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Legere said his company is the only carrier capable of offering an unlimited-only data plan.
"It's very, very exciting, and it's a big change, and I challenge the whole rest of the industry to figure out how to do it," he said Thursday in an interview on CNBC's "Squawk on the Street."
T-Mobile US on Thursday announced it would abandon traditional data plan pricing and offer unlimited talk, text and data under a new program called T-Mobile One. In a video blog, Legere asserted AT&T and Verizon's network and technology would not allow them to follow suit.
But as T-Mobile was announcing its plan, Sprint also said it would launch an unlimited plan.
T-Mobile One would cost customers $70 for the first line, $50 for the second and $20 for each additional line on a shared plan, up to eight users. Sprint's Unlimited Freedom Plan is offering $60 for the first line and $40 for the next. Each additional line will cost $30, up to 10 lines. Both plans would charge extra to stream high-definition video.
In a string of tweets, Sprint CEO Marcelo Claure said the company had been conducting test trials and called Legere a con artist.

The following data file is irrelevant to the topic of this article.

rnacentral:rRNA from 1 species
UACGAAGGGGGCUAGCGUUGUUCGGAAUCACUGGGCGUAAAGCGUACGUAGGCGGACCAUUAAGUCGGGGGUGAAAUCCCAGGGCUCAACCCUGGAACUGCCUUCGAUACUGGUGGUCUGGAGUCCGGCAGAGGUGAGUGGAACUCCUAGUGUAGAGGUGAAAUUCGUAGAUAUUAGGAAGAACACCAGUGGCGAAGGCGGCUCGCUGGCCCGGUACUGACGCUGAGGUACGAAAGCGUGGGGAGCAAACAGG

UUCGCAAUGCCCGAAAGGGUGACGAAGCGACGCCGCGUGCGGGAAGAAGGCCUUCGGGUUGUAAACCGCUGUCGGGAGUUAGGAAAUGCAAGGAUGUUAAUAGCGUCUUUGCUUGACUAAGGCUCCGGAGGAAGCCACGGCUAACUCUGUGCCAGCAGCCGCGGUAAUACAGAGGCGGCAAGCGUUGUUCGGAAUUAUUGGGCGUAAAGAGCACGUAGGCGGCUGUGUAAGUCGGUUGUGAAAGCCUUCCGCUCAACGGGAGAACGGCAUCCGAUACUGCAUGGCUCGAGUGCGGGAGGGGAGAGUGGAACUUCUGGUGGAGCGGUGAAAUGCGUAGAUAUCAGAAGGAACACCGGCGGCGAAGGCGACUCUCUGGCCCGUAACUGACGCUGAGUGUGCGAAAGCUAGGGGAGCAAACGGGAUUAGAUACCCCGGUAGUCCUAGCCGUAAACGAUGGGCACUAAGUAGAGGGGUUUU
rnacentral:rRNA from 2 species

Legere fired back on "Squawk on the Street," citing a Bloomberg report that Sprint-owner SoftBank is still interested in buying T-Mobile US.
"Isn't that sad, actually, that he tweeted out. ... Is that the guy whose owner woke up yesterday and panted that he loves T-Mobile? I mean, the Verizon guy may have switched to Sprint, but I think the Sprint owner switched to T-Mobile, " he said, referring to Sprint's recruitment of Verizon's former spokesman.
Legere insinuated that Claure was upset because he got scooped. "Just copy and paste everything I do and you'll be fine," he said.
But Claure denied his company was riding T-Mobile's coattails, saying it was Legere who copied Sprint's plan.
"What happened is something pretty simple. We started testing this a week ago. We were going to start tomorrow. What John did, unfortunately, is he basically copied our rate plans and called for an emergency press release and he's not even ready to launch until September 6," Claure told "Squawk on the Street" in a phone interview following Legere's appearance on CNBC.
"Sorry, to me, that's a con artist," he said.
Claure was named CEO at Sprint after the company dropped a bid to purchase T-Mobile in 2014 in the face of opposition from regulators. Claure said he still believes a combination of Sprint and T-Mobile would create a more formidable rival to AT&T and Verizon, but said Legere might not survive a merger.
"I don't think it's sad. I mean, it might be sad for him because if that were to happen, he'll probably get put out," he said.
T-Mobile's announcement on Thursday was the latest in a string of moves aimed at setting the company apart from its rivals as an "Un-carrier." In June, it announced it would give customers shares of its common stock.
T-Mobile US stock is up nearly 20 percent this year, compared with a 66.5-percent increase in Sprint's stock price.